Representations of Sexuality in Emerging Media

By Emily Spennato

Sex is everywhere. It’s in the music we listen to, the books we read, the shows we binge and the movies we watch. But when it comes to being accurately portrayed, understood, and celebrated, sexuality in the media still has a long way to go.

In my daily life, sex is on my mind constantly. No, I don’t constantly think about having sex. But when I’m walking to class listening to the latest Cardi B album, or watching Keeping up with the Kardashians and following along with the rest of pop culture, I’m exposing myself to impact of sexualization and all that it implies; I have been doing this as far back as “Secret Life of the American Teenager” and “Degrassi”. It’s evident in everyday interactions and conversations that our culture constantly wants to talk about sex. So let’s talk about it.

I am a victim of the vice that is pop culture. I can draw you an extremely accurate and extensive family tree of the British Monarchy and tell you what was on the cover of People Magazine six months ago. In my current internship with TigerBeat Media, I have been offered a new perspective as a young adult in a new world of emerging media trends.

For a generation whose outlets are Disney Channel, Brat Network, Netflix, and Nickelodeon, taboo topics are generally few and far between. Content posted on TigerBeat is always encouraged to be upbeat and positive, from the anticipated reception of the viewer to the reflection of the artist being portrayed. When I was a kid reading TigerBeat, I was reading about Miley Cyrus, the Jonas Brothers, and Selena Gomez. When I took on my internship, I had to take on a whole new generation of tween stars that include Annie LeBlanc, Johnny Orlando, Maddie Ziegler, and so many more. I’ve listened to who will become this generation’s Hannah Montana and watched what will become their “That’s so Raven” and “Lizzie McGuire”. All of these stars are under the age of sixteen, which means they are admired by younger kids and teens alike. The way they behave and portray a positive lifestyle is an example for all of the adolescents consuming their media.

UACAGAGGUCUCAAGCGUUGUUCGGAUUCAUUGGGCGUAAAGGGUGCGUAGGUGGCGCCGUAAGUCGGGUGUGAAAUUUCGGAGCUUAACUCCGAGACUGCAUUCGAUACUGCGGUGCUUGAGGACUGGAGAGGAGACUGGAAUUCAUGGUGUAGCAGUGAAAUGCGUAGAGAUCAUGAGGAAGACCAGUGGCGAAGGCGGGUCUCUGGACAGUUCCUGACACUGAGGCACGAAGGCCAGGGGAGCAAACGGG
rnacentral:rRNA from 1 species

We are often so worried that the media is taking over our lives, and we worry for good reason. Toddlers have iPads. Self-sufficiency is declining. The media is one of the main ways society can hypersexualize kids and expose them to false information. For kids who don’t have parents that sit down and give them a sex talk, they learn from their phones, televisions and computers. And if they are not conventionally learning about sexual wellness, they are certainly not learning about the difference between sex and gender, or other topics that go into a well-rounded sexual education, like consent and masturbation.

Unlike prior generations, current tween media is inclusive like never before. Not only do popular shows such as “Chicken Girls” and “Zoe Valentine” represent the LGBTQ community, but they are also working to normalize these subjects in popular culture. As a member of the tail end of Generation Y, I am seeing for the first time a new generation find a platform for topics that are important to them and utilize it. It is the first time in my life that I’ve realized there are younger people who are smarter than me. At 22 years-old, some of my peers still don’t know the difference between sex and gender. College course are dedicated to teaching us the difference, and that’s only if you take the classes.

Simply, sex is your biological makeup, and gender is what you identify as. Stars like Jazz Jennings and James Charles are redefining gender limitations and  beauty standards, and bringing transgender issues onto social media and reality television platforms. Shows like “Queer Eye” and “Sex Education” are normalizing gender and sexuality topics that are at the forefront of the wider cultural conversation, just as “Glee” started to do a decade ago. Viewers like me who grew up glorifying the Cory Monteith and Lea Michele can probably remember parents who would echo, “Watching boys kiss? Not my high schooler.” It’s incredible to see how far media has come in recent years, and to imagine where it might go next.

If we are going to be consuming multiple hours of media a day, and that number is only increasing as technology and the presence of social media increases, we should at least work towards consuming positive material that encourages acceptance. As an aspiring member of the media industry, I feel a collective and individual responsibility to work towards properly representing sex in the media, and improving the reception of all people on all platforms; if kids are going to be hypersexualized by the media, it’s important that those in the community are proactive about the content. By learning how to talk about it, it will create a media that treats people equally, fairly, and without preconceived bias.